How to Swim With the Manatees Near Clearwater, Florida

Even if they are close enough to reach out and touch, it's against the law to do so.
Even if they are close enough to reach out and touch, it's against the law to do so. (Image: DurdenImages/iStock/Getty Images)

As winter visitors flock to Clearwater's white sand beaches to bask in the warmth of the Florida sun, another type of winter visitor heads to the Gulf Coast to escape winter's chill. Manatees swim en masse to coastal wetlands where freshwater springs in bays and rivers provide enough warmth for these large marine mammals to sleep away the winter months. You'll see them anywhere along the coast during warm months, but you'll find large concentrations at a wildlife refuge two hours north of the city in winter. You can passively swim in some areas where these great beasts lurk, but you have to be careful not to touch or disturb them.

Know the Law

Manatees are protected by several laws, including the Marine Mammal Protection Act, Endangered Species Act and the Florida Manatee Sanctuary Act. These laws prevent anyone from "annoying, molesting, harassing or disturbing any manatee," whether it's done intentionally or not. If you're altering a manatee's natural behavior in any way, you could be guilty of harassment. Don't follow manatees in your boat or swim after them; just float passively nearby and observe the animals from a distance. Breaking the law could result in fines up to $100,000 and/or a year in jail.

Where to Swim With Manatees

Manatees can't survive for extended periods once Gulf waters dip below 68 degrees Fahrenheit. Hundreds of manatees head for natural 72-degree springs found in the Crystal River National Wildlife Refuge 80 miles north of Clearwater. The mammals congregate around some 30 springs in the bay, most of which are only accessible by boat. Three Sisters Springs is the only one accessible by land, and only on certain days out of the year. You'll find strict speed limits enforced for boats throughout the refuge to prevent injury to manatees, and some refuge areas are off-limits to boats, swimmers or snorkelers during winter months.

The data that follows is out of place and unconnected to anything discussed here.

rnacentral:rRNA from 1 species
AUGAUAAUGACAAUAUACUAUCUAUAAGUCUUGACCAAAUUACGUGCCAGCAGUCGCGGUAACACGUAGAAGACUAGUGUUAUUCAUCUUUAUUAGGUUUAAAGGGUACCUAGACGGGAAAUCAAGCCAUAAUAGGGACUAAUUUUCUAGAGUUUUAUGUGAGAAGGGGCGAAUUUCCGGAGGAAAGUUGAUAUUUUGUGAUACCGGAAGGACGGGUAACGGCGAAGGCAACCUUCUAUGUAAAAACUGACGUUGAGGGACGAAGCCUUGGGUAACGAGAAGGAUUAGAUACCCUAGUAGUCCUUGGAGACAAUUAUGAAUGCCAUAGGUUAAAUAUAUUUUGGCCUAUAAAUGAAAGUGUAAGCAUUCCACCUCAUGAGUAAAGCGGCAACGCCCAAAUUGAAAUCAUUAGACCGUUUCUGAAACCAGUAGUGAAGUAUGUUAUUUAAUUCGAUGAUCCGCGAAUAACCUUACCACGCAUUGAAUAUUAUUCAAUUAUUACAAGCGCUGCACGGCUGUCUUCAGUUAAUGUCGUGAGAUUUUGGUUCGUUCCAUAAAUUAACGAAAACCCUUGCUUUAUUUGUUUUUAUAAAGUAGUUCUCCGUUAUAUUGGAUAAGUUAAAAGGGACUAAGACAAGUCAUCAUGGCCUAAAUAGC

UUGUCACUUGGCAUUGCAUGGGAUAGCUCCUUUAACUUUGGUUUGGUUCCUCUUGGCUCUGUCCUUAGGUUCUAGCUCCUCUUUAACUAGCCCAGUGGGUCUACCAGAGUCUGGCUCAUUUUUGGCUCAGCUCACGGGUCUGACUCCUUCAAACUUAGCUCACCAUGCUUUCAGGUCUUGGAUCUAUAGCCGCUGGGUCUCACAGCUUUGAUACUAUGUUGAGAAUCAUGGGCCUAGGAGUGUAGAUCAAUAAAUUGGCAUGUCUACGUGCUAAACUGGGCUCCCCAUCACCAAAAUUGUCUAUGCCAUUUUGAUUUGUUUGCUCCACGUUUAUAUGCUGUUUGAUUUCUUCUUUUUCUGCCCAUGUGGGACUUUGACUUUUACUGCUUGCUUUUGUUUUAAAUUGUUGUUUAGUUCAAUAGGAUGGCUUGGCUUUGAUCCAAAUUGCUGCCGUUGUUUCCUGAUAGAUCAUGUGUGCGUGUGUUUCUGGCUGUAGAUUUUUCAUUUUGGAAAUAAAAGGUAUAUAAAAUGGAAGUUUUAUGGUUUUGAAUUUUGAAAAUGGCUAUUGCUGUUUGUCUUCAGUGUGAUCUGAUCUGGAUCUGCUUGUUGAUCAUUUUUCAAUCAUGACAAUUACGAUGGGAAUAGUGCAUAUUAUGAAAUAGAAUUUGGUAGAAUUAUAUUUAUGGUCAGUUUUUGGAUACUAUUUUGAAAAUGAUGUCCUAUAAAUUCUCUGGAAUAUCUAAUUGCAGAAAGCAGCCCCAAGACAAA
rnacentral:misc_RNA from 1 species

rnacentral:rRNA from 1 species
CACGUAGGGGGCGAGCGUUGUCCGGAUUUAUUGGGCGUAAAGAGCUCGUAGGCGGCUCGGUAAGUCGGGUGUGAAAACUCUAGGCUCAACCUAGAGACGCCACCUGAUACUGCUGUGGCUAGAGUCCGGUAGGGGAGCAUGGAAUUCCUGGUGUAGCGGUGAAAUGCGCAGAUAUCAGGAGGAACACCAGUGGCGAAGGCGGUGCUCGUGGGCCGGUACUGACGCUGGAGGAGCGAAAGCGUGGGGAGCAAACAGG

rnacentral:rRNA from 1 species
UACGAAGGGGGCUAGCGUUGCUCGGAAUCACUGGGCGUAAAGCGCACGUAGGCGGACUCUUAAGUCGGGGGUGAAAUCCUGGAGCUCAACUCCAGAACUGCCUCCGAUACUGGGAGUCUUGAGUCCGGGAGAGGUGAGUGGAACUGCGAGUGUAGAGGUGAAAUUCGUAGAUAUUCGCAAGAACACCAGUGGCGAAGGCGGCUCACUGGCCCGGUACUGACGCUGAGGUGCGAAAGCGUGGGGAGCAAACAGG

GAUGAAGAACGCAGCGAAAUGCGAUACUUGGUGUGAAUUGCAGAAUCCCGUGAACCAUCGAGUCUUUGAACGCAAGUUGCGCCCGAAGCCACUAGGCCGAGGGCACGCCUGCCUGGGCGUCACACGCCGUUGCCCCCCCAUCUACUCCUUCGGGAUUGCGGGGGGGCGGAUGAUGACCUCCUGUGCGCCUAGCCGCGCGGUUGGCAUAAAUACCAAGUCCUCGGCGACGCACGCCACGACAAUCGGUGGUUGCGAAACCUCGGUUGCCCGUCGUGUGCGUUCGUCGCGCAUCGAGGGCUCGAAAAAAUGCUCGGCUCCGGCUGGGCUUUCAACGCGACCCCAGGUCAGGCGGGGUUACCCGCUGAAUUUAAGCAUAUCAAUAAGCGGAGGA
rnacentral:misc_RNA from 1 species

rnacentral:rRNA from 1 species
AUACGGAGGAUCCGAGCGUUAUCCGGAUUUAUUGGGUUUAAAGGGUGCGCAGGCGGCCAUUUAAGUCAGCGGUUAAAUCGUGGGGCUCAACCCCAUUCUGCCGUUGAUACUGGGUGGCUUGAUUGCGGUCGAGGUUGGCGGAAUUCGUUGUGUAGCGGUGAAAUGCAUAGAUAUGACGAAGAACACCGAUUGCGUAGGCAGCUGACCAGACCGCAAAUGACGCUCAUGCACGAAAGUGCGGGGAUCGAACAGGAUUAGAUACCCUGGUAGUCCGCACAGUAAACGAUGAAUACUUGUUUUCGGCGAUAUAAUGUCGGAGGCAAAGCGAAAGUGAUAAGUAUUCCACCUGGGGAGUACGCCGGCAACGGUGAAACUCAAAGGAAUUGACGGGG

Finding Manatees

Look for swirls on the surface of the water that indicate a diving manatee, or look for snouts, flippers, tails or backs breaking the surface. Slip into the water quietly and float, taking care not to stir up sediment with your flippers, making the water murky. Using a foam noodle beneath your arms helps you stay afloat without splashing, and a snorkel and mask let you have a clear, uninterrupted view of these gentle sea cows. To move from place to place, stroke with your arms below the surface and kick gently with your feet. Don't try touch the animals, or you could be cited for harassment. Instead, passively float above them or follow them without getting too close.

Take a Tour

Although their numbers aren't nearly as dense, you can also see manatees at the Crystal River National Wildlife Refuge during summer months as well. A tour company can help find them at various times of year. You'll find tour and dive companies in Crystal River, as well as some in Clearwater that provide transportation and all the equipment you need, including wetsuits and snorkeling gear. Taking your first swim with a tour guide will help you know if you're breaking any rules long before a ranger shows up to issue a citation.

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